Vermont lawmakers plan to vote on overriding Gov. Phil Scott’s vetoes of bills to allow noncitizen residents of Winooski and Montpelier to vote in local elections.
“You can bet we’ll be back for a veto session,” Balint said.
“These bills were important to many Vermonters from those communities, and I think if we truly believe in local control, then members of these communities can say who they believe should have a say in local elections,” she said.
Scott announced Tuesday he had killed the proposed changes in each city charter. Charter changes are subject to approval by the Legislature.
The governor said he was concerned about creating an “inconsistency in election policy, as well as separate and unequal classes of residents potentially eligible to vote on local issues.”
He said he wanted to reopen the discussion and asked lawmakers to develop a “statewide policy” for municipalities that want to grant local voting rights to legal residents.
House Speaker Jill Krowinski, D-Burlington, also announced Wednesday that her chamber would also vote on overriding the governor’s vetoes of the charter changes.
“I can appreciate the governor’s desire to have a statewide framework for policy, and that is important in some policy matters, but it simply doesn’t work in situations like this that require charters to be tailored to a specific community,” Krowinksi said in a statement Wednesday.
“It is important for us to pass legislation that touches all corners of our state, but it is also important for us to recognize the unique needs of our individual communities and their right to shape the future of local elections as the majority of their voters see fit.”
Balint said that, during the veto session, lawmakers may also take up other pieces of legislation that “didn’t quite make it over” the finish line before the Legislature adjourned last month.
Democratic leaders have already said they’re interested in passing an expansive housing reform proposal that Republicans blocked before adjournment in May.
But Balint said she wouldn’t identify bills she wanted to take up later this month until she spoke with Krowinski.
Democrats who had supported the noncitizen voting measures criticized Scott’s vetoes.
“I feel that Gov. Scott’s veto of both charter bills is representative of a fear to change, a fear to let ‘the other’ have a voice,” said Rep. Hal Colston, D-Winooski.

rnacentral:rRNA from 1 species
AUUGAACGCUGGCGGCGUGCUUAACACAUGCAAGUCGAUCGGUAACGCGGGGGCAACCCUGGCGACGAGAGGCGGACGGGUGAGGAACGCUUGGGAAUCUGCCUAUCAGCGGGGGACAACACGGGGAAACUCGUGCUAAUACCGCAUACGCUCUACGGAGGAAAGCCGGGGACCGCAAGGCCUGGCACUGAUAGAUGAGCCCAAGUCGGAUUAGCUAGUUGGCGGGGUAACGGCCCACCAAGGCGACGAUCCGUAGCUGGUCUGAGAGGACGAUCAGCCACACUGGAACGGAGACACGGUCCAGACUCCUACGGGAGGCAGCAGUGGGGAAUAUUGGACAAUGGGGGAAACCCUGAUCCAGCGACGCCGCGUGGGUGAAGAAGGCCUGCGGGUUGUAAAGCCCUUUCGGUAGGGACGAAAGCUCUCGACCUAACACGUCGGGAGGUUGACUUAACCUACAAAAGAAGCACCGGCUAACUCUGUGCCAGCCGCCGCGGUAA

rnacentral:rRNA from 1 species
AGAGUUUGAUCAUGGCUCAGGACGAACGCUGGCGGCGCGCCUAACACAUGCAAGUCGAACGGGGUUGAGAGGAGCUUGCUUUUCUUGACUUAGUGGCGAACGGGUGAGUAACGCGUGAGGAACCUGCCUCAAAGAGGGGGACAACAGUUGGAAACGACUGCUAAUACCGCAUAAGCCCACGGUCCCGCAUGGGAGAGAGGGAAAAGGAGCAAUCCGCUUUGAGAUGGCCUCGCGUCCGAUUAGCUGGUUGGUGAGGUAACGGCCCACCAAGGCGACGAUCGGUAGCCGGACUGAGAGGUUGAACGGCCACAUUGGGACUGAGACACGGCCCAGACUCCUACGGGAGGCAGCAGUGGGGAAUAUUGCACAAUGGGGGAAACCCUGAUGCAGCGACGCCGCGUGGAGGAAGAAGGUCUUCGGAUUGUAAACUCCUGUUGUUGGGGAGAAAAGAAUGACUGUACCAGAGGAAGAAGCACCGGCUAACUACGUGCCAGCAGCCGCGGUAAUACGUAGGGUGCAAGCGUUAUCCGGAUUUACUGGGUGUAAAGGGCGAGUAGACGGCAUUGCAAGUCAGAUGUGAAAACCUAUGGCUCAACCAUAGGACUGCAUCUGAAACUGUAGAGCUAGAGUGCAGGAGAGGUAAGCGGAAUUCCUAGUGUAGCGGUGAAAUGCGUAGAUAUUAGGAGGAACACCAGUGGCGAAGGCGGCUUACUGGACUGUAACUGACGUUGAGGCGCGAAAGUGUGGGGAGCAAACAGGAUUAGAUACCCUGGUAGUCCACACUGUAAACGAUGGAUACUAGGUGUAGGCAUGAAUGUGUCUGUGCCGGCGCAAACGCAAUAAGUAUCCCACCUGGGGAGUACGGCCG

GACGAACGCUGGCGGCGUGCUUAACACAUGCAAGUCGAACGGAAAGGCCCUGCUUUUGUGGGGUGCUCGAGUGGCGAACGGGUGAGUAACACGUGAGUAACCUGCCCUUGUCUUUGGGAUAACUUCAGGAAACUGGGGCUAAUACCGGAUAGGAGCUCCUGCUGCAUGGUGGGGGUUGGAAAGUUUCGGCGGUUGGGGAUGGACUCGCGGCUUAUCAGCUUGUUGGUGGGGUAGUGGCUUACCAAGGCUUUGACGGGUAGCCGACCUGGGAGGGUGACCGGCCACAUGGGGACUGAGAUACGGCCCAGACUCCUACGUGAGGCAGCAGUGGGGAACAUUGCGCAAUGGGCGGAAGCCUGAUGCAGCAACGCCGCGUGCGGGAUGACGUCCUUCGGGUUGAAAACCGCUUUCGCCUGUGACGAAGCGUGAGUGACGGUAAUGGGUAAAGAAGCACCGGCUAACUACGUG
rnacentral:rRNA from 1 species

“So I think the voters of Winooski and Montpelier have spoken loudly, and leaders from these communities are fearlessly coping with change, so the veto must be overridden,” he said.
Colston also said he doesn’t believe the Legislature would support a consistent policy to help municipalities provide local voting rights to residents, as Scott suggested.
“When’s the last time you visited the Statehouse? You see all these white, old, white-haired people who aren’t there yet as far as being on this continuum of becoming an anti-racist, inclusive space. I don’t think we’re there yet,” Colston said.
Conor Casey, a Montpelier city councilor, called the vetoes hypocritical, pointing to the fact that Scott called on the U.S. State Department in March to send more refugees to the state.
“I think by vetoing this charter change, it sort of sends the message that, OK, refugees are welcome for their labor, but we have no intention of giving them a meaningful voice in our communities,” Casey said.
To override a veto, the House and Senate need two-thirds majorities — 20 votes in the Senate and 100 votes in the House. The House approved the Montpelier charter change 103-39, and Senate approval came on a 21-9 vote, showing Democrats may have the votes to override the governor.
But the Winooski charter change had slightly less support, passing 99-44 in the House and 20-10 in the Senate.
Sen. Randy Brock, R-Franklin, the Senate minority leader, opposed the charter changes, and said he supported the governor’s veto. He said he’s concerned about municipalities “treating citizens differently on a municipality-by-municipality basis.”
Giving voting rights to noncitizens in municipal elections has “the potential of diluting the votes of those who are citizens,” Brock said. “If you have, let’s say, two people who are able to vote in an election and you add a third person, the value of the first two persons’ votes has now declined in terms of both its significance and its weight.
“And I have serious concerns about the fairness of that,” he said.
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